Mama Says … Let’s Talk About The Theory of Relativity


The Theory of Relativity

I am not talking about Albert Einstein’s brilliant theory: E = MC2. And I am not talking about family relatives. (I could say a few words about a couple siblings of mine that can’t have been raised in the same household I was, but that’s another story that might be told another time.)

What I am thinking about is how we perceive and rate things that occur in life. For example, the Ebola scare in the US. A lot of people were experiencing high anxiety and fear as it was reported that an Ebola-infected person was within the US borders and being treated in a Texas hospital. Anxiety worsened when two nurses who cared for the patient became infected with the virus. Ebola is a scary disease because at present there is no cure. At the hospital where I work there were some very worried staff because we aren’t prepared with HazMat suits and a containment system. We made plans for how to isolate a patient with suspected Ebola until public health arrived. We have not implemented these things because the risk is infinitesimal at this point.

Now the anxiety has decreased greatly. Why? Because no new cases in the US have occurred. Also, we know more about how the disease is transmitted and the actual percentage rate of risk. Now you see what I mean about relativity.

There are not too many absolutes in the world; things that don’t change in varying conditions. Gravity is an absolute. The earth spinning on its axis and rotating every 24 hours is an absolute. The sun coming up in the east and going down in the west is an absolute.  But much of everything else is based on situation and perspective.

I’ve been thinking about this theory because I now deal with traffic on a daily basis since I have switched from the night shift to the AM shift. If I leave by 6 AM traffic is not an issue. (I don’t start work til 7 AM but getting there early gives me a chance to prepare for the day.) If I don’t leave by a certain time in the afternoon I am caught in heavy traffic along with a million other commuters. Okay, it’s not really a million, but when you aren’t moving it feels like that many other vehicles are on the road. Now here is where relativity comes in. Would I rather be at a standstill or moving at 15 miles an hour the whole way home? What would you choose? I’ll take the 15 mph because even though I am moving along at a turtle’s pace I am at least moving forward toward my destination.

Would I rather be working than not? Hmm. If I had my druthers, I would rather be working 2 days a week to keep up my skills (I worked hard to get my nursing degree) and having the rest of the week to read, work on my craft business, sleep, etc. At this point financially that isn’t realistic. But I can tell you when I was out of work for 6 months I was sure praying and interviewing and submitting resumes so I could find work. I was longing for a job. I even applied at the grocery store and got hired for a temp job working on the US census. I am not independently wealthy and 6 months without money coming in had a whole lot of negative impact on our finances. It has only been the last few months that we have gotten our heads above water.

So when I got my job with the county do you think I was excited and glad? You bet. I was singing “Hallelujahs” down the street. Now when they have paged me overhead at work for the thousandth time, if I start to get frustrated I quickly remember the famine months and my perspective on my job changes.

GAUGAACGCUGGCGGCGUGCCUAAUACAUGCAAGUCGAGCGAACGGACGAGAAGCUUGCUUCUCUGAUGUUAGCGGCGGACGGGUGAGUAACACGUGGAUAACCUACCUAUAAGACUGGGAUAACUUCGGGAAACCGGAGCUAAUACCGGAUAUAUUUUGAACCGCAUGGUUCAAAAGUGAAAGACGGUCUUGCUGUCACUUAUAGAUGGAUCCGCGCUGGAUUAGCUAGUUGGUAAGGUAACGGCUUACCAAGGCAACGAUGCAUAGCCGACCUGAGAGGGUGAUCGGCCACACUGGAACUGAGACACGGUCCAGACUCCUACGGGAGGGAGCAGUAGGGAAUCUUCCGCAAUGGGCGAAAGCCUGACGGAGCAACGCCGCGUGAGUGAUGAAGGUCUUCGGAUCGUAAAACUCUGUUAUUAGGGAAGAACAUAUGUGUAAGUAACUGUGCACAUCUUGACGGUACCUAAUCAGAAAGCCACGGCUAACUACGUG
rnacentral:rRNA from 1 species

Have you looked at a sink full of dishes and sighed in disgust? Ever think that the dirty dishes are multiplying like rabbits? I have and do still. But then I came across a short blurb about relativity and it mentioned a song entitled “Dirty Dishes.” I did a search for the lyrics and I am putting them in at this time because I think it explains the theory of relativity clearly in a lot less words than I have used so far.

by Scotty McCreery

Mama hollers “Supper time,
And don’t make me tell you twice
Wash your hands and wipe your face.
The table’s no place for toys,
And try to use your inside voice,
Don’t dig in ‘til we say Grace.”
So we put down our forks and bowed our heads
And then she prayed the strangest prayer ever said:

“I wanna thank You Lord,
For noisy children and slamming doors,
And clothes scattered all over the floor,
A husband workin’ all the time,
Draggin’ in dead tired at night,
My never ending messy kitchen
And dirty dishes.”

We all got real still and quiet,
And Daddy asked, “Honey, you alright?”
She said, “There ain’t nothing wrong,
Noisy kids are happy kids,
And slamming doors just means we live,
In a warm and loving home,
Your long hours and those dishes in the sink,
Means a job and enough to eat.

So I’m gonna thank You Lord,
For noisy children and slamming doors,
And clothes scattered all over the floor,
A husband workin’ all the time,
Draggin’ in dead tired at night,
My never ending messy kitchen

For my little busy bees
Beggin’ mama, mama can you please?
Always wantin’ me and callin’ me
Loads of laundry pilin’ up
Crayons crushed into the rug
And those little sticky kisses
And dirty dishes,
And dirty dishes…”

Let me close by saying that I love absolutes. I really do, but I also appreciate the reminders to appreciate things when looked at from a different perspective. A coin has two sides, you know. There are two sides to every story.  May we learn to put things in the proper perspective is my hope.

And now, without further ado, I have a sink of dirty dishes to attend to.

Blog You Later !

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